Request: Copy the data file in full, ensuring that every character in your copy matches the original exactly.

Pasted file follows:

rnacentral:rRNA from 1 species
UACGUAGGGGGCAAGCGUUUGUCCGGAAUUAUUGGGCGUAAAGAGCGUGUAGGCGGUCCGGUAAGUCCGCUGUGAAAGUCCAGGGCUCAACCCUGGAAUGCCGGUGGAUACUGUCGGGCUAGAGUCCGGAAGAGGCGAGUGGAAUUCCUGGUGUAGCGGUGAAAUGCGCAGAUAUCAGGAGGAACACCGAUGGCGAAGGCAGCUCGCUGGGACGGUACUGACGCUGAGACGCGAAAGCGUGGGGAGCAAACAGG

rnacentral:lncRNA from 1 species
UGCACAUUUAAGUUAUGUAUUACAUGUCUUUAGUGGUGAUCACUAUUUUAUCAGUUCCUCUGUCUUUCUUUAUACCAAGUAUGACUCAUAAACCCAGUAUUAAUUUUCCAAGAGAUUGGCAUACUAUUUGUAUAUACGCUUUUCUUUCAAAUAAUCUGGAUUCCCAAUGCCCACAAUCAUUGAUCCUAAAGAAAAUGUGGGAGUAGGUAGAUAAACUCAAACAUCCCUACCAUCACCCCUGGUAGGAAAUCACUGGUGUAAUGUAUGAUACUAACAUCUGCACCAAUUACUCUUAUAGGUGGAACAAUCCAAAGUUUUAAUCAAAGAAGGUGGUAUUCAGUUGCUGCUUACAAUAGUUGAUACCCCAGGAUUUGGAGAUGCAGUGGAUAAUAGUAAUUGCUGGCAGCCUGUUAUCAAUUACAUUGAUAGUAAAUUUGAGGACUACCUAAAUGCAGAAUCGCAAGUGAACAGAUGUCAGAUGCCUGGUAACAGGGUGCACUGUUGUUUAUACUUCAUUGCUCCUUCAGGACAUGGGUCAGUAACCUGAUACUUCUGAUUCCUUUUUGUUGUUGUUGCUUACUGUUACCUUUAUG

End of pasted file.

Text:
rnacentral:rRNA from 1 species
UACGUAGGGGGCAAGCGUUUGUCCGGAAUUAUUGGGCGUAAAGAGCGUGUAGGCGGUCCGGUAAGUCCGCUGUGAAAGUCCAGGGCUCAACCCUGGAAUGCCGGUGGAUACUGUCGGGCUAGAGUCCGGAAGAGGCGAGUGGAAUUCCUGGUGUAGCGGUGAAAUGCGCAGAUAUCAGGAGGAACACCGAUGGCGAAGGCAGCUCGCUGGGACGGUACUGACGCUGAGACGCGAAAGCGUGGGGAGCAAACAGG

rnacentral:lncRNA from 1 species
UGCACAUUUAAGUUAUGUAUUACAUGUCUUUAGUGGUGAUCACUAUUUUAUCAGUUCCUCUGUCUUUCUUUAUACCAAGUAUGACUCAUAAACCCAGUAUUAAUUUUCCAAGAGAUUGGCAUACUAUUUGUAUAUACGCUUUUCUUUCAAAUAAUCUGGAUUCCCAAUGCCCACAAUCAUUGAUCCUAAAGAAAAUGUGGGAGUAGGUAGAUAAACUCAAACAUCCCUACCAUCACCCCUGGUAGGAAAUCACUGGUGUAAUGUAUGAUACUAACAUCUGCACCAAUUACUCUUAUAGGUGGAACAAUCCAAAGUUUUAAUCAAAGAAGGUGGUAUUCAGUUGCUGCUUACAAUAGUUGAUACCCCAGGAUUUGGAGAUGCAGUGGAUAAUAGUAAUUGCUGGCAGCCUGUUAUCAAUUACAUUGAUAGUAAAUUUGAGGACUACCUAAAUGCAGAAUCGCAAGUGAACAGAUGUCAGAUGCCUGGUAACAGGGUGCACUGUUGUUUAUACUUCAUUGCUCCUUCAGGACAUGGGUCAGUAACCUGAUACUUCUGAUUCCUUUUUGUUGUUGUUGCUUACUGUUACCUUUAUG